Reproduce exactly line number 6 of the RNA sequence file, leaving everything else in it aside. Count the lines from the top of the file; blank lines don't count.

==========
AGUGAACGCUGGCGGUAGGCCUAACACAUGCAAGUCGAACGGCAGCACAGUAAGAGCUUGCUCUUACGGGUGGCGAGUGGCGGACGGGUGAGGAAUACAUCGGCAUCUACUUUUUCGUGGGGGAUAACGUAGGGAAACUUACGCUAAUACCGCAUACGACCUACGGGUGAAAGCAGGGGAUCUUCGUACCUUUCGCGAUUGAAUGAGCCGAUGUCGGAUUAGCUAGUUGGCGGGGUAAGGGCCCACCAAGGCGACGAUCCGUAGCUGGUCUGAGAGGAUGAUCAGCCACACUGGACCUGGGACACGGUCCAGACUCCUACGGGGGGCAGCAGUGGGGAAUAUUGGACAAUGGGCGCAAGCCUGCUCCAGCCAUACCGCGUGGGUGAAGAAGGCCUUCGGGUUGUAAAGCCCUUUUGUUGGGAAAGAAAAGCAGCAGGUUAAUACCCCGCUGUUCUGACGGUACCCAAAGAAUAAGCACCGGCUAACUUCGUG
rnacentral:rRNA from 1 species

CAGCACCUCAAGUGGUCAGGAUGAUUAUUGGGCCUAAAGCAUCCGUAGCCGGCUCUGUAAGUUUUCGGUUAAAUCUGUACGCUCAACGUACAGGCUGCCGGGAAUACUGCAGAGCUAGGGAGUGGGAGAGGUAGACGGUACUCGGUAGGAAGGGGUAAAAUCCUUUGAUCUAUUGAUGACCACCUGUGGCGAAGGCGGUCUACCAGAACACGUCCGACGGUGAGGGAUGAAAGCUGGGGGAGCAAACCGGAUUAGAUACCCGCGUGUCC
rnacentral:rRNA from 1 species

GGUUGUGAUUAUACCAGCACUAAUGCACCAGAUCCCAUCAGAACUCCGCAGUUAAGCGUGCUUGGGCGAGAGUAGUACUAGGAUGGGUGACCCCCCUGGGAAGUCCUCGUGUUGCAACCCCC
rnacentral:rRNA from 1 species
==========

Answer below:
rnacentral:rRNA from 1 species